Mexico’s black-and-white octagonal front-of-package warning labels were modelled after labels introduced in Chile in 2016. These labels have been adapted by other Latin American countries, including Peru, Uruguay, and Argentina, Colombia and Brazil.9–11 The Chilean labels are the result of a multimethod research approach to test visualisation, understanding and ability to modify intended purchase—about 15 different prototypes were tested prior to the selection of the final warning label that would become law.12 For the Mexican labels, researchers from the National Institute of Public Health conducted a series of experiments with various forms of front-of-package labels with different population samples. In one study, researchers compared the relative acceptability and understanding of three labels: the existing GDA, Ecuador’s Multiple Traffic Lights and Chile’s octagonal black-and-white labels among low-income and middle-income Mexicans. The GDA had the lowest ratings of acceptability and understanding, while labels with traffic lights and octagons were deemed acceptable and easier to understand.13 Another study replicated the findings with respect to acceptance and comprehension, but found class disparities in purchasing intentions, suggesting the labels alone would be insufficient towards supporting behavioural change among low-income and less-educated consumers.14 Another study with Mexican and US Latino and white consumers revealed the octagonal warning labels resulted in the highest comprehension relative to the GDA, traffic lights and two additional front-of-package labels (US’ Nutrition Facts Panel, Australia’s Health Star Rating System).15

Underpinning the labels are new nutrition standards that determine thresholds for calories and five specific nutrients (total sugar, saturated fats, other fats, sodium). For example, solid products that exceed 275 calories per 100 grams must be labelled ‘high in calories’; a second warning label for ‘excess sugar’ would be added if 10% or more of the calories are from sugar. In addition, products that contain non-caloric sweeteners and caffeine must be labelled as such, along with warnings against children’s consumption of these items. Prepackaged products may have from zero to seven front-of-package warning labels (five octagons and two rectangular black boxes)—the number of labels further serving as a cue to consumers that the product may be low in nutritional quality. The policy further mandates limits on advertising, marketing and sales of products whose formulations require a warning label to children and around school zones.

As a comprehensive food labelling law, NOM-051 was based on existing scientific evidence indicating the effectiveness of the policy, both in Mexico and around the world. Nonetheless, the passage of this law was not a forgone conclusion in a country where multinational corporations—and the food and beverage industry in particular—have historically had strong ties to government and have been involved in policy decision making.16 17 We demonstrate this through examination of news coverage of the front-of-package food labelling policy in newspapers throughout the policymaking process, from its introduction to Congress through the final preimplementation court challenge ruling the policy constitutional. Using content analysis, we examine characteristics of news coverage, the overall valence towards the policy and the types of arguments, sources and evidence cited for/against the policy.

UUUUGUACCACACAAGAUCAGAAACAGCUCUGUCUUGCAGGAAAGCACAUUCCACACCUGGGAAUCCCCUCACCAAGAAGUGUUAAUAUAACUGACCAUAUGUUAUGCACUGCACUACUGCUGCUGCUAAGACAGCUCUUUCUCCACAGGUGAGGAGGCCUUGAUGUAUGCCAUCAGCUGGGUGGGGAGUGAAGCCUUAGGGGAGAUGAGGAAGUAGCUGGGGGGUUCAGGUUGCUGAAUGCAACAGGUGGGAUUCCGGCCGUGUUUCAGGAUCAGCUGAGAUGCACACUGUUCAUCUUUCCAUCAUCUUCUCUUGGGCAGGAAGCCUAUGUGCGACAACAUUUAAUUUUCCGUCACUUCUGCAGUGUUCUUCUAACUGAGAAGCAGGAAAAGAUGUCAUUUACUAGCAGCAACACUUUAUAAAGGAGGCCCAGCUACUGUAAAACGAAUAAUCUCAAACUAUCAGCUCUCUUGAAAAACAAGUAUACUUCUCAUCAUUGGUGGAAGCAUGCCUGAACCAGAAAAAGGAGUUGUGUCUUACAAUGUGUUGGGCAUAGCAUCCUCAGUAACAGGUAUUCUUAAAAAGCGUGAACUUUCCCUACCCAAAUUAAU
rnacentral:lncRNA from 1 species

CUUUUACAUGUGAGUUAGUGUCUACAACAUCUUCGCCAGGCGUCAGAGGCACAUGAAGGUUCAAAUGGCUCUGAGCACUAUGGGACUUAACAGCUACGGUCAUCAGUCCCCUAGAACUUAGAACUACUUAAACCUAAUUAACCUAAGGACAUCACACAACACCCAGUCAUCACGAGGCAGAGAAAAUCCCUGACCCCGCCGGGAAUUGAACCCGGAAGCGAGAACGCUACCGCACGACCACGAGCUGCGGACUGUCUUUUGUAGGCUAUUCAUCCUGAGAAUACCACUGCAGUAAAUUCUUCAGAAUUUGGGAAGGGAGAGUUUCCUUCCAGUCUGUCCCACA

Methods

Traditional media, like newspapers, can serve as valuable repositories for policy advocacy and may be leveraged to advance specific policy positions. We conducted a content analysis18 of four Mexican newspapers representing the centre-left (El Universal, La Jornada) and centre-right (Reforma, El Economista) political opinions. We used LexisNexis to identify all newspaper articles published on 1 January 2019–31 March 2020 that mentioned the proposed law using the search term ‘etiquetado’ (‘label’) (N=735). The relatively simple search term was developed following a validated search process from media research19: In preliminary work, we tested a number of different potential search terms, including (in Spanish) ‘front-of-package label’, ‘warning label’ and ‘food label’. However, these terms all include the word ‘label’ and the preliminary searches had overlapping results. We compared the results of each search and found using ‘label’ yielded the most articles that were germane to the study and the fewest that were not. The time period was selected to capture any discussion of warning labels prior to the formal introduction of the proposed policy through the final major legal challenge after Congressional and Presidential approval.

We excluded irrelevant articles (eg, about tuna fishing practices, labels for other products such as milk or cars;) and duplicates (n=8) (figure 1). We further excluded articles where the term ‘etiquetado’ did not appear in the first paragraph because this indicated that the proposed policy was not the primary focus of the article. The final sample for the analysis consisted of N=361 unique newspaper articles.

Figure 1

Newspaper article data source search process, 2019–2020.

Patient and public involvement

This study focuses on analysis of the news coverage of a public policy debate intended to help improve population health through prevention strategies; there are no direct patient populations. As such, patients were not engaged in the design, recruitment or conduct of the study. The development of the research question and measures was guided by prior research demonstrating the agenda-setting and framing effects of the media on support for public policies and ultimate decisions.

Measures